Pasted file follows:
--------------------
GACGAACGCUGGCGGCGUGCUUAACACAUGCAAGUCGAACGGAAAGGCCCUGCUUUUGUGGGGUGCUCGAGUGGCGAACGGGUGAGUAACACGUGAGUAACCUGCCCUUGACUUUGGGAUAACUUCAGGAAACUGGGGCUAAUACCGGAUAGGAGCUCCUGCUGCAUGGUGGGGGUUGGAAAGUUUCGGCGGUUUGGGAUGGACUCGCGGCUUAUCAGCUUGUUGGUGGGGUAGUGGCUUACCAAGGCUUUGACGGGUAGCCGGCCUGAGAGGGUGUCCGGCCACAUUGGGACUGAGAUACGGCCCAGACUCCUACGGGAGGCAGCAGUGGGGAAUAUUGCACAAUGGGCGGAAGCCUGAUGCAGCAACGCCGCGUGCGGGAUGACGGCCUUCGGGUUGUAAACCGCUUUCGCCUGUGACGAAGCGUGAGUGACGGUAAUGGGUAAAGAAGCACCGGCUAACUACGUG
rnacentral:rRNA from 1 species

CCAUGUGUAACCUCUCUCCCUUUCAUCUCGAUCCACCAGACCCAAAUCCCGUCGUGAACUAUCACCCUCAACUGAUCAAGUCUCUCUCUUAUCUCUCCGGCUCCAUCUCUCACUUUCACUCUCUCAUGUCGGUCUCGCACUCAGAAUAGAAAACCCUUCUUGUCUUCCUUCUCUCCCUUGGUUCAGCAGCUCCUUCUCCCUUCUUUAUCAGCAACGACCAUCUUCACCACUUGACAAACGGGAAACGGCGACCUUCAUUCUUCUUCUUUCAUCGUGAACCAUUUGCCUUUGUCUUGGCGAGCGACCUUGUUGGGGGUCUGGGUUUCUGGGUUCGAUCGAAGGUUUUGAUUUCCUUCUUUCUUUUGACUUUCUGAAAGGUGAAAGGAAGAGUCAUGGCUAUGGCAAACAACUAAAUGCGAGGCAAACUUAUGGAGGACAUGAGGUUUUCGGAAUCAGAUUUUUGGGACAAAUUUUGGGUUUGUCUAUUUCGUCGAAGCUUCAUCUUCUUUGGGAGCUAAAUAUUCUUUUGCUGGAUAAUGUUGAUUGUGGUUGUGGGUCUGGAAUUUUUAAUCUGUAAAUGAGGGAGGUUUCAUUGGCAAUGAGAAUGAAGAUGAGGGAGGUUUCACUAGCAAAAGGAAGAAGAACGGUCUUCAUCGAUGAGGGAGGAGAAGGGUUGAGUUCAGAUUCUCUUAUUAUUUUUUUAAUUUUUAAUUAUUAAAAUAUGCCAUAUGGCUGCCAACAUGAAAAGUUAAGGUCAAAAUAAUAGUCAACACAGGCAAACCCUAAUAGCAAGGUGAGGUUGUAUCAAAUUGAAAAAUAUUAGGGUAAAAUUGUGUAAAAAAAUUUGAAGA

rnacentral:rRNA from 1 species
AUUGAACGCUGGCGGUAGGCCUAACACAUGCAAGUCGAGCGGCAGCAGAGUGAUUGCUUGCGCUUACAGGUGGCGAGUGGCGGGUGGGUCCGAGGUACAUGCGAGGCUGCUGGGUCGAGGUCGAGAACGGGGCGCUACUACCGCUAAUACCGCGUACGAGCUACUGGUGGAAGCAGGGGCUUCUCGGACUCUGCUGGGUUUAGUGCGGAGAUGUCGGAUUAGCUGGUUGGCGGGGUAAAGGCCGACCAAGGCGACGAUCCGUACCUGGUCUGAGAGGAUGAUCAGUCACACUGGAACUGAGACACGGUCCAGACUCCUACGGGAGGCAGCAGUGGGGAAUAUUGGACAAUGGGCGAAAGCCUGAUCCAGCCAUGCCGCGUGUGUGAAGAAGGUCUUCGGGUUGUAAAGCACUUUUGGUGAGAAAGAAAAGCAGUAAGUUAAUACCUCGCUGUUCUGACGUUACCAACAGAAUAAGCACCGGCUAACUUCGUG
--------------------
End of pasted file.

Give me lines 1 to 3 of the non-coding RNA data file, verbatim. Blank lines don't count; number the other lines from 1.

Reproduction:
GACGAACGCUGGCGGCGUGCUUAACACAUGCAAGUCGAACGGAAAGGCCCUGCUUUUGUGGGGUGCUCGAGUGGCGAACGGGUGAGUAACACGUGAGUAACCUGCCCUUGACUUUGGGAUAACUUCAGGAAACUGGGGCUAAUACCGGAUAGGAGCUCCUGCUGCAUGGUGGGGGUUGGAAAGUUUCGGCGGUUUGGGAUGGACUCGCGGCUUAUCAGCUUGUUGGUGGGGUAGUGGCUUACCAAGGCUUUGACGGGUAGCCGGCCUGAGAGGGUGUCCGGCCACAUUGGGACUGAGAUACGGCCCAGACUCCUACGGGAGGCAGCAGUGGGGAAUAUUGCACAAUGGGCGGAAGCCUGAUGCAGCAACGCCGCGUGCGGGAUGACGGCCUUCGGGUUGUAAACCGCUUUCGCCUGUGACGAAGCGUGAGUGACGGUAAUGGGUAAAGAAGCACCGGCUAACUACGUG
rnacentral:rRNA from 1 species

CCAUGUGUAACCUCUCUCCCUUUCAUCUCGAUCCACCAGACCCAAAUCCCGUCGUGAACUAUCACCCUCAACUGAUCAAGUCUCUCUCUUAUCUCUCCGGCUCCAUCUCUCACUUUCACUCUCUCAUGUCGGUCUCGCACUCAGAAUAGAAAACCCUUCUUGUCUUCCUUCUCUCCCUUGGUUCAGCAGCUCCUUCUCCCUUCUUUAUCAGCAACGACCAUCUUCACCACUUGACAAACGGGAAACGGCGACCUUCAUUCUUCUUCUUUCAUCGUGAACCAUUUGCCUUUGUCUUGGCGAGCGACCUUGUUGGGGGUCUGGGUUUCUGGGUUCGAUCGAAGGUUUUGAUUUCCUUCUUUCUUUUGACUUUCUGAAAGGUGAAAGGAAGAGUCAUGGCUAUGGCAAACAACUAAAUGCGAGGCAAACUUAUGGAGGACAUGAGGUUUUCGGAAUCAGAUUUUUGGGACAAAUUUUGGGUUUGUCUAUUUCGUCGAAGCUUCAUCUUCUUUGGGAGCUAAAUAUUCUUUUGCUGGAUAAUGUUGAUUGUGGUUGUGGGUCUGGAAUUUUUAAUCUGUAAAUGAGGGAGGUUUCAUUGGCAAUGAGAAUGAAGAUGAGGGAGGUUUCACUAGCAAAAGGAAGAAGAACGGUCUUCAUCGAUGAGGGAGGAGAAGGGUUGAGUUCAGAUUCUCUUAUUAUUUUUUUAAUUUUUAAUUAUUAAAAUAUGCCAUAUGGCUGCCAACAUGAAAAGUUAAGGUCAAAAUAAUAGUCAACACAGGCAAACCCUAAUAGCAAGGUGAGGUUGUAUCAAAUUGAAAAAUAUUAGGGUAAAAUUGUGUAAAAAAAUUUGAAGA